easiest to understand a most difficult work. I asked him why he undertook this
unedifying work from the point of view of the modern world; his only answer is,
“I cannot help it.” He has succeeded in giving a lucid and correct exposition.
He writes, not as a scholar nor as a mere student, but he writes about the
Upanisad as if it really and exclusively belongs to him by birth-right.
All the Upanisads contain utterances reflecting
direct experience of the Truth, which they call Brahman. The Mandukyopanisad is
the shortest of the Upanisads. The central point taken for investigation is the
state of deep sleep. What a wonderful thing it is that we can see “God by
analysing our sleep! All creatures sleep, but human beings are expected to know
the meaning of their sleep. We however take the state of sleep as if it were a
routine affair. In fact, whatever state we can analyse closely, in that we can
The very same Jivatma or individual soul goes
through the three states of Jagrat, Svapna and Susupti, i.e. the wakeful, dream
and the dreamless deep-sleep states. The same person returns to the waking
state from the dream and dreamless sleep states. In the first two states, the
person has experience of pleasure and pain of happiness and sorrow. But in the
deep-sleep state, all creatures enjoy unmixed bliss. The reason is plain. The
individual soul finds itself in its original state, shorn of all disturbing
adjuncts of body, mind, senses and thought, which are not really part of the
soul. These are the outer trappings of the soul, which cover up its natural
brilliance, peace and happiness. If one can for ever live in deep sleep, one
will never experience sorrow. One will be immersed in eternal bliss. But there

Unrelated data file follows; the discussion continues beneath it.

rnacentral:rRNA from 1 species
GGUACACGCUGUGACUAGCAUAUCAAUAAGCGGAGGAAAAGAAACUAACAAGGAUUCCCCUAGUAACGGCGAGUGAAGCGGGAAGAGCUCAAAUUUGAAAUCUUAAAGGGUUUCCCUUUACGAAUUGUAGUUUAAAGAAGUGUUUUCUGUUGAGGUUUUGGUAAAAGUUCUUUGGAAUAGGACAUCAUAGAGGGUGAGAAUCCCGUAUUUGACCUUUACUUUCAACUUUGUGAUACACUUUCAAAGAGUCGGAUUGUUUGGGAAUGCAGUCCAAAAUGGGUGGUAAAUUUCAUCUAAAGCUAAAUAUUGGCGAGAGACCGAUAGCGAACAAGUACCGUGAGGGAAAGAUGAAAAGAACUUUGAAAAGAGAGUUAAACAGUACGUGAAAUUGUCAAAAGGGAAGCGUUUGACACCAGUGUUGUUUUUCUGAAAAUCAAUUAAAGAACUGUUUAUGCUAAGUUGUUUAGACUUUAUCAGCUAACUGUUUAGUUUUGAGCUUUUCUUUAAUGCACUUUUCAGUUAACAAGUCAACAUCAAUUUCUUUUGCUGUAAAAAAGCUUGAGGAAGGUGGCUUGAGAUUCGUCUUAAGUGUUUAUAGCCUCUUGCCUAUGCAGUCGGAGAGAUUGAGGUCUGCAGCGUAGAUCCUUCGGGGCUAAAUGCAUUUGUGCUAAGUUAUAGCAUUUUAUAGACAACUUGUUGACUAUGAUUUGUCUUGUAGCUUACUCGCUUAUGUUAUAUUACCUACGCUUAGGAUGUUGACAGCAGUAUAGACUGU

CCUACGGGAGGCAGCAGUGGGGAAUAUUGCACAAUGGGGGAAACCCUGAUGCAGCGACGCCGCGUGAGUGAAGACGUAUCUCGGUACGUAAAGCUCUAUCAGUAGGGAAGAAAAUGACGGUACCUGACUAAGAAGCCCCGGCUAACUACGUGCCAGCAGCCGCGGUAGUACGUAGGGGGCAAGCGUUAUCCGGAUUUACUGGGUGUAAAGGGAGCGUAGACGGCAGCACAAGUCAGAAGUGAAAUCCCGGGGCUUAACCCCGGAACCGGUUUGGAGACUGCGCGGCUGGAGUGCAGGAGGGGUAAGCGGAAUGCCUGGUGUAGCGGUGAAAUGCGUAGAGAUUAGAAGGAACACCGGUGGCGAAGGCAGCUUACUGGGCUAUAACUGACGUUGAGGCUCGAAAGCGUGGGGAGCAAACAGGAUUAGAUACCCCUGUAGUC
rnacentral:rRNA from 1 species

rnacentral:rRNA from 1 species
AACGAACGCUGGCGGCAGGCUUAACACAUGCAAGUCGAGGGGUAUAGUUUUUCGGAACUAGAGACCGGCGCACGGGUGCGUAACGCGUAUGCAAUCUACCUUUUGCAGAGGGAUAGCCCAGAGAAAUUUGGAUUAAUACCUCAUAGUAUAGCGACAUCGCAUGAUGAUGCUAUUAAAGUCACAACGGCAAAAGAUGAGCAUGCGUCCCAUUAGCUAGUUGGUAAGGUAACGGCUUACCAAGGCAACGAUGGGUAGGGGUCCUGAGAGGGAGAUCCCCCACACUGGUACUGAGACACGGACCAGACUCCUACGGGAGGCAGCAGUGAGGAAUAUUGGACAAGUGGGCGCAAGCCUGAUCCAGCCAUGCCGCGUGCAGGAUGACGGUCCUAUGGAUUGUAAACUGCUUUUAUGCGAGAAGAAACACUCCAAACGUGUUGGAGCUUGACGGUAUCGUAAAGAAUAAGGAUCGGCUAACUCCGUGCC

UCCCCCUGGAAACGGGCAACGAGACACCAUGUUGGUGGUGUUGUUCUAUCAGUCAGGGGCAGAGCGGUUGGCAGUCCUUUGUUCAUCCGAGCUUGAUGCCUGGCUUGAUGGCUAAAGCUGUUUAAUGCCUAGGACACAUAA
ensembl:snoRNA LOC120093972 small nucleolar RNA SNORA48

is the seed still remaining which brings back the soul to other states. When
the seed is destroyed by true knowledge, the individual soul finds its real
state, i.e. the state of Brahman or Brahmavastha. That is called the Turiya or
the fourth state.
Salvation is liberty or freedom from all
bondage and one has to know what binds one before one can disown it. Just as
the body, mind and sense complex is obliterated in the deep sleep state, in the
Turiya state, the separateness of the individual soul is obliterated and the
Brahman, one without a second, shines in its pristine glory. The Karikas
(Explanatory Verses) of Gaudapada logically prove all this. It is what is
called Ajati-vada or the argument that does not posit the existence of the
universe at all. If we admit the universe, we shall be admitting a second
besides the secondless Brahman. In a nutshell, the author has given us the
exposition of the Upanisad, the Karikas and the great commentary of Sri
The book deserves serious study at the hands of all
seekers of Truth.
Of all living beings that inhabit this planet,
it is given only to man to think of himself. Yet he thinks and thinks of
everything except himself. He just functions un- aware of that which makes him
function. Generally, man’s thoughts range over past recollections, present problems
and future aspirations. His bodily cravings and psychological in-pulls drive
him helter-skelter throughout his life, leaving him in the end sans peace.
When man’s search for peace outside of himself
re-coils on him, he begins to look inwards into himself, for he is not merely a